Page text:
[Ach] My review of the PDF ;)

Manuel Koschuch koschuch at gmx.net
Tue Nov 12 15:24:33 CET 2013

On Tue, Nov 12, 2013 at 2:15 PM, David Durvaux
<david.durvaux at autopsit.org>wrote:

> [...]
> I would like to discuss briefly the AES key length.  I found back this
> reference on Bruce Schneier blog:
> https://www.schneier.com/blog/archives/2009/07/another_new_aes.html.
>  It's from 2009 (so, what's the latest status on this?) but basically state
> that some attack where only affecting AES258 and broke up to 11 of the 14
> rounds.  AES256 is still safe but MAYBE that the key size in that
> particular example COULD BE counter effective.  As say in french "avec des
> si on met Paris en bouteille" ("With IF, you put Paris in a bottle"), there
> a a lot of conditions and open questions but maybe something we need to
> keep in mind.

The main idea behind this is that when doing crypto, basically everything
that's faster than brute-force is considered a more or less "sucessful"
attack, so the longer the key the more leeway there is of still being
2better than brute-force", while still being computationally infeasible.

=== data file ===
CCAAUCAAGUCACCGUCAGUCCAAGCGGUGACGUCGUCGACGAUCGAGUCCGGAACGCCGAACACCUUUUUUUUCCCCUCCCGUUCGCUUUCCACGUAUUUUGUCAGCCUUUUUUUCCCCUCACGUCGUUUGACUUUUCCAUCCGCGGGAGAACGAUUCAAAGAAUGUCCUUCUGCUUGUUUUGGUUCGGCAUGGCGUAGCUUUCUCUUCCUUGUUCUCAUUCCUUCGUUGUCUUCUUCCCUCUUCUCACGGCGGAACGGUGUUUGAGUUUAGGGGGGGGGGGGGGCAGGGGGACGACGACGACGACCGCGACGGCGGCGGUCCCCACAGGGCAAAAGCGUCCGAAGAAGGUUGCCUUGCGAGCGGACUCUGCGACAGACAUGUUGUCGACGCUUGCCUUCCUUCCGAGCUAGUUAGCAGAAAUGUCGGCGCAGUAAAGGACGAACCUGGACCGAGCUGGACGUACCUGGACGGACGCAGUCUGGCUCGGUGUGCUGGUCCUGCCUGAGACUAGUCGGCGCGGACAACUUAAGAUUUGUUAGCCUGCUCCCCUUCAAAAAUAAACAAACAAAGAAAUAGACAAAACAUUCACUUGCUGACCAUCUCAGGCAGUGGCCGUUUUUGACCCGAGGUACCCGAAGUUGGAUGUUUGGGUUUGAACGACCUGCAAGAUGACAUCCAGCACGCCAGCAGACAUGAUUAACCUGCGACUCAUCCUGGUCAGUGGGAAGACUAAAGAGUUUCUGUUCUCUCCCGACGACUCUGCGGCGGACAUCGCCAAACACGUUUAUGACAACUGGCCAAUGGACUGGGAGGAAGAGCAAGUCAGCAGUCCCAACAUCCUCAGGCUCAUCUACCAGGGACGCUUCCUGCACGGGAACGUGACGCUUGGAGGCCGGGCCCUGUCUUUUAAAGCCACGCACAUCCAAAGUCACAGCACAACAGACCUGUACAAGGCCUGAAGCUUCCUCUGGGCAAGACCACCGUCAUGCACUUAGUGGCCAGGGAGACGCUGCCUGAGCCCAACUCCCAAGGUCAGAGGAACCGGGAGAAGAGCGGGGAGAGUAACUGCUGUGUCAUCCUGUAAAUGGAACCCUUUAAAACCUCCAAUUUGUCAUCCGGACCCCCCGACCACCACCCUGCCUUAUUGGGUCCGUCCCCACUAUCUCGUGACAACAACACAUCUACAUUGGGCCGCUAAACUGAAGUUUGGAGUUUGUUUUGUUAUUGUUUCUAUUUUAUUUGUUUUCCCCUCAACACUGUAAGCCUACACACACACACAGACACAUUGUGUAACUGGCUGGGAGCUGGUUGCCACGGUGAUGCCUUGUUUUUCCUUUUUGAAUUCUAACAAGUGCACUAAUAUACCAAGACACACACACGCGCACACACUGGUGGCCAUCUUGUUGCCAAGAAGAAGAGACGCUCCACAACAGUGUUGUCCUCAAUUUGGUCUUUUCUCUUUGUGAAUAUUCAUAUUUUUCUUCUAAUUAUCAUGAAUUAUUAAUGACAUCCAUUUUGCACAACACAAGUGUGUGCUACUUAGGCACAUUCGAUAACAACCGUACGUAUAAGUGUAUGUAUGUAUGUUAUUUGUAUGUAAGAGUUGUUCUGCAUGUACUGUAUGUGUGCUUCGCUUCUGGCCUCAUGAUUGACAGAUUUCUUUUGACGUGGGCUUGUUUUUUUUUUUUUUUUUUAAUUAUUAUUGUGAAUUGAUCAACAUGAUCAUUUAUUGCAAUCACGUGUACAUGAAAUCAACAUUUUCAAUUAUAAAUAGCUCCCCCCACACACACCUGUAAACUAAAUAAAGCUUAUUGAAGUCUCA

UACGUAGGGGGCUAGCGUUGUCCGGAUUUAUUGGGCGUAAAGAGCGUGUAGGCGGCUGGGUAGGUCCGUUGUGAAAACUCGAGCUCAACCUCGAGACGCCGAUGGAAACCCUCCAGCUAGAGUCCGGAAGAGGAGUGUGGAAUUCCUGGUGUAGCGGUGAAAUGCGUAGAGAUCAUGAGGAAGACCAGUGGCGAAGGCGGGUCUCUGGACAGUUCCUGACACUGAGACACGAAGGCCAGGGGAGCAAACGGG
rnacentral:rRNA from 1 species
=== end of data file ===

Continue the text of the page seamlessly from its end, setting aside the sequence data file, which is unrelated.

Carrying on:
Due to the Key-Schedule in AES (which was optimised for the 128-Bit
version), the 256-bit variant is in fact easier to break than the 128-bit
version using related-key attacks (but still practically infeasible with a
complexity of around 2^100).
But it doesnt't look like any variant of AES is currently even close to
being broken. [1]

> As an extra reference, the Hanbook of Applied Cryptography (
> http://cacr.uwaterloo.ca/hac/) which is freely available was (still the
> case) considered as an excellent reference during my studies (finished 6
> years ago :'().

Basically it still is for the underlying mathematics, some of the
recommendations regarding key-sizes or algorithms are of course a little
outdated by now...

Best regards

[1] http://research.microsoft.com/en-us/projects/cryptanalysis/aesbc.pdf

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